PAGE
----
Stand by . . .

After eleven years I am taking a real hiatus from writing here for early 2021.

Several reasons:

First, there is so much going on in Kenyan politics relative to my time to really delve in, uncover and keep current—it is all very much familiar and still “frozen” from 2007-08 in many ways, but I risk being simply wrong if I write without adequate depth this many years since I have actually lived in Kenya.

Second, I am tired of having and expressing opinions after the all the overwrought drama of the Trump years and watching all of the continuing open and notorious corruption in Kenya and East Africa more generally.

Third, I have made a career change. I have left the corporate world and am back in private law/consulting practice and have some potential intersection between development issues I might write about here and things that I am not able to about as a matter of professional obligation.

Maybe I’ll send some new FOIA requests in the meantime…

Should there be an international Code of Conduct for Exit Polls and Parallel Vote Tabulations?

[As the year winds down and things crank up in Kenya’s 2022 presidential campaign and BBI referendum I am going through some of my old unpublished drafts – this is an idea that could matter that the parties involved do not have an incentive to bring forward.]

To me, the answer to the headline question is clearly “yes”.

Very specifically to my experience as in Kenya in 2007 as International Republican Institute Resident East Africa Director, I was able to explain to the USAID Kenya Mission that we at IRI were bound as a party to a published International Code of Conduct in conducting an International Election Observation that required us to maintain independence from the Ambassador.

(Readers may recall that then-Ambassador Ranneberger had pushed for a USAID-funded IRI Election Observation Mission for Kenya’s 2007 election which USAID had decided not to conduct in their ordinary planning process for the election and that IRI did not seek to undertake.)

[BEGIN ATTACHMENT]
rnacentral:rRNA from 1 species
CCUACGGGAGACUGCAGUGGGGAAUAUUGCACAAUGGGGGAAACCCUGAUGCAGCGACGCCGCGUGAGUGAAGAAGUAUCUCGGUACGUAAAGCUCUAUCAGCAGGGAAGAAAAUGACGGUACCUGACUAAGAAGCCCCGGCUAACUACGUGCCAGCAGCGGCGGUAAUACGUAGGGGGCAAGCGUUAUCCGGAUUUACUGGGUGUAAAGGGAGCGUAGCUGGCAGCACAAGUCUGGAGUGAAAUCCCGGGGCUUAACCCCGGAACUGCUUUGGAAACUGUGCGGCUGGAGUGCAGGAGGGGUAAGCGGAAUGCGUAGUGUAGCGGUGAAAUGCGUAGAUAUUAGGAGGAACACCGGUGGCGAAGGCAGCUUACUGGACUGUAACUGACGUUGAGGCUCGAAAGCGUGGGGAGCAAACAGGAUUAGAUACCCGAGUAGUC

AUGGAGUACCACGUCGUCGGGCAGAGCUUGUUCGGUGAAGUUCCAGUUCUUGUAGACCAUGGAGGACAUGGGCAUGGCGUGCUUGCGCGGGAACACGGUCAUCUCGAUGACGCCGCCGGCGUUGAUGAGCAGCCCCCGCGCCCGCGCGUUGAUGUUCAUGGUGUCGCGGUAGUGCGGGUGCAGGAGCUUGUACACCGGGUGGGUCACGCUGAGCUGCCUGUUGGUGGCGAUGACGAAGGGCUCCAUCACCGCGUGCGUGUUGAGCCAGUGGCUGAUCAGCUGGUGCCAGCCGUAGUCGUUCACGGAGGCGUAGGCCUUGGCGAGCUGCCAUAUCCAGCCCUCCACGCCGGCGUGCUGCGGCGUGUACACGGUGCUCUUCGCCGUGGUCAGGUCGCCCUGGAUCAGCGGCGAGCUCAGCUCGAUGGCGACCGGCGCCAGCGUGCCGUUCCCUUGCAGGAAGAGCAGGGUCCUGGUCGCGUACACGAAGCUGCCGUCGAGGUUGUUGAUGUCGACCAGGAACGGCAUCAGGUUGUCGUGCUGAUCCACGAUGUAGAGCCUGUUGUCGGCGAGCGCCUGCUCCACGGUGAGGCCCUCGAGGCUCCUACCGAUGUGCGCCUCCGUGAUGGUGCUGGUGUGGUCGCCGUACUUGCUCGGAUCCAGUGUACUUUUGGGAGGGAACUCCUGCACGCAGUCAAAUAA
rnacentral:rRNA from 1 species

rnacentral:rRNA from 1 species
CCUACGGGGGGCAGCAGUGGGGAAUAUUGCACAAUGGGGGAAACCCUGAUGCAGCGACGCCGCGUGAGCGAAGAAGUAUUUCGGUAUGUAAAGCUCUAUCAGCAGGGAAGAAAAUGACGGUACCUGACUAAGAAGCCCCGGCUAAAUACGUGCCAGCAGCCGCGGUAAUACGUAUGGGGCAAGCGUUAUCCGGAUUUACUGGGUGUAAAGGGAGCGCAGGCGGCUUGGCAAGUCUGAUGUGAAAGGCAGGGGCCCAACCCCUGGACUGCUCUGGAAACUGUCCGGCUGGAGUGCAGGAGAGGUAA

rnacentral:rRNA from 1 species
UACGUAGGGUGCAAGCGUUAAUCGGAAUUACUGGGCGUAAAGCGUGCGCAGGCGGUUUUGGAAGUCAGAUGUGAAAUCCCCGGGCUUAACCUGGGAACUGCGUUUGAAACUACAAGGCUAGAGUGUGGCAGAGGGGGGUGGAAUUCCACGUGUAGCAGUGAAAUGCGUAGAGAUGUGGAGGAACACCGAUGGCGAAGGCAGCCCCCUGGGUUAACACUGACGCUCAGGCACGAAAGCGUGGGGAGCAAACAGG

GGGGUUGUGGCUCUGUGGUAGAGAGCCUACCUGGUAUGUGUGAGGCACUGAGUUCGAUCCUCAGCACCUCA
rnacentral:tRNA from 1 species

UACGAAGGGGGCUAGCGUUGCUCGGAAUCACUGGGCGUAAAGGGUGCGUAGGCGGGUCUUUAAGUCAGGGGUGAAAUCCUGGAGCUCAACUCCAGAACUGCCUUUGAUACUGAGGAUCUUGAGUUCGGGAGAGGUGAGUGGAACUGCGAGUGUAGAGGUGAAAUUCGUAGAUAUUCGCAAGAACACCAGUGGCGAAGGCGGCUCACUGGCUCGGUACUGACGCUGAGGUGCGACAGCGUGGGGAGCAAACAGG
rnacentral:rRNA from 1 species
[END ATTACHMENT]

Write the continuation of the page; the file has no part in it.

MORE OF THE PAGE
We on the IRI staff were able to push back on Ambassador Ranneberger’s desire to select Election Observation Mission delegates, although we ended up informally going along with Ranneberger’s choice of Connie Newman and Chester Crocker as lead delegates (Crocker was not available to travel on the dates required).

The rest of the delegates were our choices rather than the Ambassador’s and we resisted Ranneberger’s expressed desire to remove his predecessor Amb. Mark Bellamy from the Observation until Ranneberger “went to the mat” as he put it.

Likewise, we invited against Ranneberger’s wishes Bellamy’s predecessor as Ambassador to Kenya, Johnnie Carson, who was then the Africa lead at the Office of the Director of National Intelligence and later Assistant Secretary of State under Obama (Carson was not cleared to participate–I was privately relieved for two reasons: it got me off the hook on a potential conflict with Ranneberger and while Carson seemed like a real asset for the Observation I thought the optics of having a high ranking Executive Branch employee and particularly one directly in an Intelligence Community job would not be great from an independence standpoint. In hindsight it might have done some real good to have him there.).

Unfortunately, on the now perhaps infamous Exit Poll, I was more or less naked in dealing with USAID and the Ambassador. The polling program was under a separate Cooperative Agreement between the CEPPS (IRI, NDI and IFES) and USAID which had started with the Exit Poll for the 2005 Constitutional Referendum. (The defeat of the proposed “Wako Draft” Constitution gave rise to the Orange Democratic Party which led Kenya’s opposition in the 2007, 2013 and 2017 elections, culminating in the March 2018 “handshake” and the present “Building Bridges Initiative” referendum campaign).

The 2005-07 polling program was scheduled to end with a public opinion survey in September 2007, well ahead of the general election, the date of which was not set until weeks later. USAID amended the Agreement to add the general election Exit Poll at the end. It was only after I initially reported a few days before the election that we were going to have to cancel the Exit Poll due to the objection of Electoral Commission of Kenya Chairman Samuel Kivuitu that I was told by USAID that the Exit Poll as a higher priority for the Ambassador than the Election Observation itself. Kivuitu’s acquiescence was achieved.